Lasers can be used to identify chemical powders such as explosives or fertilizers from hundreds of metres away, a team of researchers reports in Proceedings of the National Academy of Sciences1.
The authors exploited a technique called Raman spectroscopy, in which a laser sets molecules in a substance vibrating, twisting and wagging. The molecules then re-emit, or scatter, photons of slightly lower energies than the incoming ones. The difference in the energy is determined by the properties of the molecules, and thus the scattered photons carry a unique fingerprint of the substance.
But Raman spectroscopy suffers from a major drawback — the scattered signal is weak, meaning that light is ordinarily difficult to collect even tens of metres away from a sample. So most experts did not think that it would be feasible over longer distances, says Vladislav Yakovlev, a physicist at Texas A&M University in College Station. “All the conventional ways of trying to do this remote chemical sensing basically failed at distances beyond 50 metres or so,” he says.
To boost the signal, Yakovlev's team turned the sample itself into a laser. Whereas a normal laser traps light with mirrors that reflect the beam, a fine powder can trap light within its dancing particles, which then scatter the photons. At a critical threshold of the incoming light's intensity, the signal is exponentially amplified, and the laser light imprinted with the chemical’s signature emerges from the sample in all directions.
The phenomenon is called random lasing, and the researchers report that they used it to identify a variety of chemicals that have been found in improvised explosive devices (including ammonium nitrate, sodium nitrate, and potassium chorlate) in lab tests in which the laser beams travelled nearly 400 metres, reflected by a series of mirrors. They calculate that if they could eliminate the mirrors — which absorb some of the light — they could achieve a straight-line detection distance of 1 kilometre.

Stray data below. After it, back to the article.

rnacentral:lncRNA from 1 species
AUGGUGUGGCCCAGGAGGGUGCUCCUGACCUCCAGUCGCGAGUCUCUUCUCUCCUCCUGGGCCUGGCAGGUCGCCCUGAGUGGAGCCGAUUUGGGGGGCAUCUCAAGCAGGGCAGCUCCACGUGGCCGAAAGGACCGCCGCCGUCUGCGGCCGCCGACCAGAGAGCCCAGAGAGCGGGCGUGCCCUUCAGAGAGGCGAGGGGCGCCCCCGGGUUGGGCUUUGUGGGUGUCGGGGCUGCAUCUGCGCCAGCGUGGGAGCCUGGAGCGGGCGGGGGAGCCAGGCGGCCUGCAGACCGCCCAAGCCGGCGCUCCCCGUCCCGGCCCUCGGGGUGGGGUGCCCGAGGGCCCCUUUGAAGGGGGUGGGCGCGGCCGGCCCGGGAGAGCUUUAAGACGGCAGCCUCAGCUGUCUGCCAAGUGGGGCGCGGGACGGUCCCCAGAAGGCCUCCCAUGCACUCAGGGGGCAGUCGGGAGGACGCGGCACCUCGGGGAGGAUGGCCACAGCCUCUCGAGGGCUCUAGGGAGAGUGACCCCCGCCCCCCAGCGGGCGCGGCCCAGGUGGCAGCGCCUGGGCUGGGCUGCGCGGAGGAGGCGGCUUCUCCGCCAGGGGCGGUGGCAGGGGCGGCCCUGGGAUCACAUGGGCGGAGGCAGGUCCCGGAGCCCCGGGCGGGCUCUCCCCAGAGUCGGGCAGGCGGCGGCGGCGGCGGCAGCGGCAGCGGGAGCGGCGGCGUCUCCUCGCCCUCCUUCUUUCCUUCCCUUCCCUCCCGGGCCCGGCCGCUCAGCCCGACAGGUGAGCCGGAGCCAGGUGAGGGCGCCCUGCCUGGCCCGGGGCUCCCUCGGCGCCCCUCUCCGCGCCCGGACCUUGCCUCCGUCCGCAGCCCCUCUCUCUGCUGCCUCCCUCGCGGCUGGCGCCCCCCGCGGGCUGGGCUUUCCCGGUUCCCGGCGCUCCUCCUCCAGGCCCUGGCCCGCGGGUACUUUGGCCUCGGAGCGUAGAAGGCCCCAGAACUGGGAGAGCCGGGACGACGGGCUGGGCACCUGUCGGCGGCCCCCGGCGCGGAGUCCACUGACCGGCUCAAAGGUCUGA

One major limitation is that the technique requires materials to be in powder form. Still, the research offers potential military and security applications, including identifying explosives and roadside bombs, says Ali Passian, a physicist at Oak Ridge National Laboratory in Tennessee, who was not involved with the study. After the terrorist attacks of 11 September 2001, he says, “we’ve been bombarded by calls from different defence agencies to do exactly this”.
Passian cautions that success in the laboratory does not always translate to the field. Dust, wind and rising warm air could weaken and distort the laser beams — both to and from the sample. Furthermore, it is not clear how much powder must be present for the detection to work, or in what concentration. If a hazardous powder is mixed into soil, it will be much more difficult to detect, says Passian.
The latest work was supported in part by the US Air Force and conducted at its research facilities in San Antonio, Texas. The study’s authors declined to discuss whether the Air Force has plans to develop the findings, but they suggest other possible uses, such as monitoring farmland and measuring the presence of fertilizing nitrates in soil. Identifying human remains — such as in mass graves — is another area of interest, says Yakovlev, albeit one that the team has not yet considered.
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